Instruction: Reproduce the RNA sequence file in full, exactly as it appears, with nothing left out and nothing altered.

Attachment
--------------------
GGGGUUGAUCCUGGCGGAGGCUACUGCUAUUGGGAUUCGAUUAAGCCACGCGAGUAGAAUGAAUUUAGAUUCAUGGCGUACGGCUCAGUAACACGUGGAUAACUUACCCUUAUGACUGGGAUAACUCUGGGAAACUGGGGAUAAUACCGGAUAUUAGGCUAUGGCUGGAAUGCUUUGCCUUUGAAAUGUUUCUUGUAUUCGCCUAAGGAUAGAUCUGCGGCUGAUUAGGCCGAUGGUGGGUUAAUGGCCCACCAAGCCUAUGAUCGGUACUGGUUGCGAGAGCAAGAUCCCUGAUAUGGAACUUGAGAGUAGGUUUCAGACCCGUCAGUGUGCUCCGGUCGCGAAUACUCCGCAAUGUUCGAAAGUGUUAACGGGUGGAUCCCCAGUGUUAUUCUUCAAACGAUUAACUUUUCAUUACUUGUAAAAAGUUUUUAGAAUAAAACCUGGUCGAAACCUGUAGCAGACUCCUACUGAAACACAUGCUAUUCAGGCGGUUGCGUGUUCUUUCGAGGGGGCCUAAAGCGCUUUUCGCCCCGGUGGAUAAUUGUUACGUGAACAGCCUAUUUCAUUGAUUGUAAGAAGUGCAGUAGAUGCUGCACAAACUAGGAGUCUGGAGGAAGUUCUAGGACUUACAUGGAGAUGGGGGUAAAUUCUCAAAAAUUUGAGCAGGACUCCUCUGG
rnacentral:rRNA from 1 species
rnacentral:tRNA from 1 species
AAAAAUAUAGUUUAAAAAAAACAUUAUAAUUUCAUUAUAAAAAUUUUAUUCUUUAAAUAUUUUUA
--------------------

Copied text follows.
GGGGUUGAUCCUGGCGGAGGCUACUGCUAUUGGGAUUCGAUUAAGCCACGCGAGUAGAAUGAAUUUAGAUUCAUGGCGUACGGCUCAGUAACACGUGGAUAACUUACCCUUAUGACUGGGAUAACUCUGGGAAACUGGGGAUAAUACCGGAUAUUAGGCUAUGGCUGGAAUGCUUUGCCUUUGAAAUGUUUCUUGUAUUCGCCUAAGGAUAGAUCUGCGGCUGAUUAGGCCGAUGGUGGGUUAAUGGCCCACCAAGCCUAUGAUCGGUACUGGUUGCGAGAGCAAGAUCCCUGAUAUGGAACUUGAGAGUAGGUUUCAGACCCGUCAGUGUGCUCCGGUCGCGAAUACUCCGCAAUGUUCGAAAGUGUUAACGGGUGGAUCCCCAGUGUUAUUCUUCAAACGAUUAACUUUUCAUUACUUGUAAAAAGUUUUUAGAAUAAAACCUGGUCGAAACCUGUAGCAGACUCCUACUGAAACACAUGCUAUUCAGGCGGUUGCGUGUUCUUUCGAGGGGGCCUAAAGCGCUUUUCGCCCCGGUGGAUAAUUGUUACGUGAACAGCCUAUUUCAUUGAUUGUAAGAAGUGCAGUAGAUGCUGCACAAACUAGGAGUCUGGAGGAAGUUCUAGGACUUACAUGGAGAUGGGGGUAAAUUCUCAAAAAUUUGAGCAGGACUCCUCUGG
rnacentral:rRNA from 1 species
rnacentral:tRNA from 1 species
AAAAAUAUAGUUUAAAAAAAACAUUAUAAUUUCAUUAUAAAAAUUUUAUUCUUUAAAUAUUUUUA